Clair’s Fellowship to the USA in 2013 explored participatory arts projects for LGBTQ+ and older people. It was supported by The Baring Foundation.

Fred Horley: improving digital inclusion among older people

Fred Horley (CF 1992) from Plymouth in Devon is a former Age Concern IT tutor volunteer, where he taught older people how to use computers.

Fred will use his grant to establish a digital inclusion hub within Glenholt Seniors Lunch Club, where he is a member. He has seen that members have increasingly felt left behind during the move to digital communication, which has been heightened during the pandemic. Fred will integrate a training programme into the existing lunch club, by offering informal drop-in sessions where members can learn and develop their IT skills. This will help them to communicate with distant friends and family members, access online GP services, navigate online library services and shop for essential items. Fred hopes that this will increase older people’s confidence when using technology and reduce feelings of loneliness and isolation.

Fred’s Fellowship to the USA in 1992 explored best practice in energy conservation and schemes to reduce fuel poverty.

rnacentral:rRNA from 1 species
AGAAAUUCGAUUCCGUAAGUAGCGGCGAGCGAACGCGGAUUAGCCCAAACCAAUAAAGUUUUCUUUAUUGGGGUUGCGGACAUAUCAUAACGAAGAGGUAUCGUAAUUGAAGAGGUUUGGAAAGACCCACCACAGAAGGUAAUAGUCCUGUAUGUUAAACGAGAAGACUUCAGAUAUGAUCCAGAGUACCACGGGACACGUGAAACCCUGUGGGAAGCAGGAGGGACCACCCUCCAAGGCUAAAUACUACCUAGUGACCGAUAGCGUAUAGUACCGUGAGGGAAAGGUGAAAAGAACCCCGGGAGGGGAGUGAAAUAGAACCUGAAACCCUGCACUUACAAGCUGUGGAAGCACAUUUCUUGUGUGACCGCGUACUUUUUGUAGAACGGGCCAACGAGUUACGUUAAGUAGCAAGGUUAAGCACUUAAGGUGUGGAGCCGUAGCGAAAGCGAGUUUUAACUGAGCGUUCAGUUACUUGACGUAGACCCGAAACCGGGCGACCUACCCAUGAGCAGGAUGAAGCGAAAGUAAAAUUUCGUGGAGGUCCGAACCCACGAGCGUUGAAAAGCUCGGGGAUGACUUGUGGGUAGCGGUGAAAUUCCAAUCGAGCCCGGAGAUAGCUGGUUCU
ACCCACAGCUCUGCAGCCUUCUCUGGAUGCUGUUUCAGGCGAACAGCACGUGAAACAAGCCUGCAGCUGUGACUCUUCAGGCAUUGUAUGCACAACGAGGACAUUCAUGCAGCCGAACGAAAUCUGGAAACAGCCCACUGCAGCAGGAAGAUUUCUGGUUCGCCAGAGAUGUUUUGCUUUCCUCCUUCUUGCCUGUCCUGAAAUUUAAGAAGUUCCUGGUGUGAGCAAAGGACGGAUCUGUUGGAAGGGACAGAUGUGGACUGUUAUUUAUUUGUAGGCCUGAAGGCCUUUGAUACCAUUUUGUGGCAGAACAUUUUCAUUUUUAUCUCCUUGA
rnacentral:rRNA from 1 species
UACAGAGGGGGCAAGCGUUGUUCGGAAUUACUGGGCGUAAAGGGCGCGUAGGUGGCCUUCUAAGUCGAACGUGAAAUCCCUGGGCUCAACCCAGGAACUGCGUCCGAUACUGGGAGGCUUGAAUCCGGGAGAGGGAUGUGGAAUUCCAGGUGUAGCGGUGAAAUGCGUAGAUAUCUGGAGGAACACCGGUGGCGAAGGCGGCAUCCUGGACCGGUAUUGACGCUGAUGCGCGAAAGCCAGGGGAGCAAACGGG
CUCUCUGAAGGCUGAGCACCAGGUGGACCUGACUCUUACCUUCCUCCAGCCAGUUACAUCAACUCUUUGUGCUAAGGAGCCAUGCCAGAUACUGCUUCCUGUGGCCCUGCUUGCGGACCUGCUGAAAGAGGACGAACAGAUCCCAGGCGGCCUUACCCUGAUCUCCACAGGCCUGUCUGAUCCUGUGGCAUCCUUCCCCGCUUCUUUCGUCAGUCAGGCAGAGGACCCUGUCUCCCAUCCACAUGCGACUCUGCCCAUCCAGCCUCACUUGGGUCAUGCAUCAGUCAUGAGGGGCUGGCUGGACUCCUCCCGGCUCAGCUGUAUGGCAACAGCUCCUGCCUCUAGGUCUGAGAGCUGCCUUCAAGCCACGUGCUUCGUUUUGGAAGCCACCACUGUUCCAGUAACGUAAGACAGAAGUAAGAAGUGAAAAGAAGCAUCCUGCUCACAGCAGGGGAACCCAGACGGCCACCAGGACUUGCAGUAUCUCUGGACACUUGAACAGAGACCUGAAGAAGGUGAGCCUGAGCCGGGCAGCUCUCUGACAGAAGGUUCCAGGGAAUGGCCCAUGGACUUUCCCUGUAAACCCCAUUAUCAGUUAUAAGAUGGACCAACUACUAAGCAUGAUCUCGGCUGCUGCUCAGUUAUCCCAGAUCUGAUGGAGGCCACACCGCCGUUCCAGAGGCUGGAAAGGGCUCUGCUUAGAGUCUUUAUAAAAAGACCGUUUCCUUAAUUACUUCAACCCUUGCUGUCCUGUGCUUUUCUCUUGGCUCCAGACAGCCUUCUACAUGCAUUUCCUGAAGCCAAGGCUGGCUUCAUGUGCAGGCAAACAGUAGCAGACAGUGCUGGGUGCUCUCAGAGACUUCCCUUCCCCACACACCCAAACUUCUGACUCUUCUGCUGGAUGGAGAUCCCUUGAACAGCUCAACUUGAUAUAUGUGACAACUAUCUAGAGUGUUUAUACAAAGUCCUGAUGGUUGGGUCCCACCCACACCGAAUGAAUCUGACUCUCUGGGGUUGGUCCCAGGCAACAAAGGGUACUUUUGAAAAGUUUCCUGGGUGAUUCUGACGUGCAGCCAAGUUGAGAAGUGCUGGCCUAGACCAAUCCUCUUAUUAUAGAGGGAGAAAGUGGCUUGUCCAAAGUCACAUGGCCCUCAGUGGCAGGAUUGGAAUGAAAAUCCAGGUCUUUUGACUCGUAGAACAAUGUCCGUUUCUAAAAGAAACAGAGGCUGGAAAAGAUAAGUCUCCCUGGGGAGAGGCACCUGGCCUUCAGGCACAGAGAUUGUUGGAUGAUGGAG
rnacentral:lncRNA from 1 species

Ann Pascoe: supporting carers looking after older people

Ann Pascoe (CF 2012) from Helmsdale in the Highlands is the founder of Dementia Friendly Communities, a charity that provides a circle of support for older people, including individuals and families living with dementia. During the pandemic, Ann developed a pilot programme to support unpaid carers looking after their loved ones.

Ann will use her grant to continue this project and reach more people, especially those who are at risk of social isolation due to Covid-19. This will form part of a support package that will include attending appointments, assistance with shopping, help with meal preparation and carrying out household chores. Ann is keen to reach those who do not identify themselves as carers. She will set up a campaign targeting 7,500 households across her local area, using direct mailings and social media advertising. Ann will also launch a website that will outline full details of the services offered, which she will share with local organisations, community groups and service providers to help spread the word. Ann hopes that this will provide respite to carers and help to reduce feelings of isolation.

Ann’s Fellowship to India and Taiwan in 2012 explored ways of improving dementia care and carer wellbeing by enabling laypeople to detect early signs of dementia.